The Best Way to Kill Rats and Mice Quickly
When cringe-worthy rodents such as rats and mice invade your home, you want to rid yourself of their threat permanently. Understanding common rats and mice gives you an upper hand, but traditional options for rodent control are lacking when it comes to safety, effectiveness, and ease. A better trap—yes, it does exist—provides a better solution to kill rats and mice quickly and efficiently.
TRADITIONAL RAT AND MOUSE TRAPS ADD TO STRESS AND MESS
Dealing with home-invading rats and mice is stressful enough, especially with the damage these destructive pests cause to your home and peace of mind. The last thing you need is a trap that's complicated and hard to set or one that fails to finish the job and ends up snapping the fingers of a child or the paw or nose of a pet.
At their worst, traditional wooden and plastic rat and mouse traps can lead to long and drawn-out deaths, maimed rodents, or injured rats and mice on the loose in your home. At their best, these old-fashioned options leave you with a contaminated trap and messy cleanup.
Sticky traps, also known as glue traps or glue boards, sentence rats and mice to a long, inhumane death. Rats and mice step on the traps and become stuck, much like flies on flypaper. Large rats often shake free or drag the glue boards through your home. Mice stay alive, but stuck, for however long it takes them to die inside your home.
Catch-and-release traps, also known as live traps, provide a humane alternative, but these options also come with a price. Rats and mice taken alive and released outside live another day to find their way back inside. Only this time, they're on alert. They'll avoid anything that resembles a trap.
Traditional mouse traps can be tricky — and painful — to set.
POISON BAIT BLOCKS PRESENT HAZARDS, ESPECIALLY AROUND KIDS OR PETS
Bait blocks and other rodent poisons can provide permanent solutions to invading rats or mice, but they present dangers and drawbacks all their own. Rodents that eat bait blocks typically don't die in the open. They sneak off to die and decompose—complete with home-permeating smells—in hard-to-reach hiding places. Homeowners have been known to tear out walls to get to the odorous, overpowering source.
In 2012, the U.S. Environmental Protection Agency reported that poison control centers across the nation receive more than 15,000 calls annually regarding children under six years old who ingested rodent poisons.1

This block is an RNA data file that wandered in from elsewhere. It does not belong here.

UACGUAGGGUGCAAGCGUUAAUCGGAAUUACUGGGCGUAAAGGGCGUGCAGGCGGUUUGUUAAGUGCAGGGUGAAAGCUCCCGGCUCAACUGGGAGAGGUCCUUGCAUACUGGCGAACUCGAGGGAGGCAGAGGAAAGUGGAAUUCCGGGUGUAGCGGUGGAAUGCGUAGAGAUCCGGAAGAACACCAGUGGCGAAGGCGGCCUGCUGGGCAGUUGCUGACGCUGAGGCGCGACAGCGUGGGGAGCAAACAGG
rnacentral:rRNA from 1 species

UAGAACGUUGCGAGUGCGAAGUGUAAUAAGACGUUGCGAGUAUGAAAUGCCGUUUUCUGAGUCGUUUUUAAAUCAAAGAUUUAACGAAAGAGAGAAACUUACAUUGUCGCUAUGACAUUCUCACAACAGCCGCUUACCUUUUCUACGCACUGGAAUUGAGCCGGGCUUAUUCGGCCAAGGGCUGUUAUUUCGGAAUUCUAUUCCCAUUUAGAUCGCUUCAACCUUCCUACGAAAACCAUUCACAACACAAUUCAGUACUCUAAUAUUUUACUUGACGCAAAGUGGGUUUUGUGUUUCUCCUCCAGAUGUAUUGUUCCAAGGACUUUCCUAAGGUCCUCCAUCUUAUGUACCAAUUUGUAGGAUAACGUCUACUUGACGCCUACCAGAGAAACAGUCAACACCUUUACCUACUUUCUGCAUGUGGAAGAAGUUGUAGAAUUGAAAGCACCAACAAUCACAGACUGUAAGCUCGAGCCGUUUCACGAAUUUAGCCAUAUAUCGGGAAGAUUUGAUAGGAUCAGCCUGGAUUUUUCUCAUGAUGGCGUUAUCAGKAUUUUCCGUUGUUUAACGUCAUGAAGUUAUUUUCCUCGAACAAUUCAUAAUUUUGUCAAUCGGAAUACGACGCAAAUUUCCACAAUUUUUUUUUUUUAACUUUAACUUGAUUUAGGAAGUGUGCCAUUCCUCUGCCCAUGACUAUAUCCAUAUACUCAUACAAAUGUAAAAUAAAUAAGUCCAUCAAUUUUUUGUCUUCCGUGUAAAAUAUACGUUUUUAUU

Poisons that kill rats and mice harm people and animals in other ways as well. Pets and beneficial wildlife, including birds of prey, can die from eating poisoned rodents. Children may find and pick up dead rodents, unaware of the health hazards that rats and mice present.
With poison bait blocks, rats and mice retreat into walls to die.
INNOVATIVE RAT AND MOUSE TRAPS PROVIDE A SAFER, CLEANER SOLUTION
Fortunately, traditional traps and poisons aren't your only options when it comes to ridding your home of rats and mice. Amdro® brand mouse and rat traps offer a revolutionary way to kill rats and mice quickly—guaranteed.
Unlike traditional options, Amdro Mouse Traps and Amdro Rat Traps have an innovative ring design that kills rats and mice through the release of a powerful ring around the neck or chest area. Safer for children and pets, these ring traps are easy to handle, simple to set, and require no poison—just a bit of peanut butter, cheese, or Nutella-like hazelnut spread.
The reusable trap also ejects the rat or mouse, so it dies quickly and cleanly outside the trap. There's no blood, no mess, no snapped fingers, and no contaminated trap for you to clean up.
When rats or mice threaten your home, you can trade the stress and mess of traditional rodent controls for the innovation and effectiveness of Amdro Mouse and Rat Traps. Amdro is committed to helping you put an end to pest disruptions with the best in helpful information and premium pest controls.
Amdro is a registered trademark of Central Garden & Pet Company.
1. M. Anderson, “Keeping City Children Safe from Rat Poisons | National Poison Prevention Month," U.S. Environmental Protection Agency, March 2012.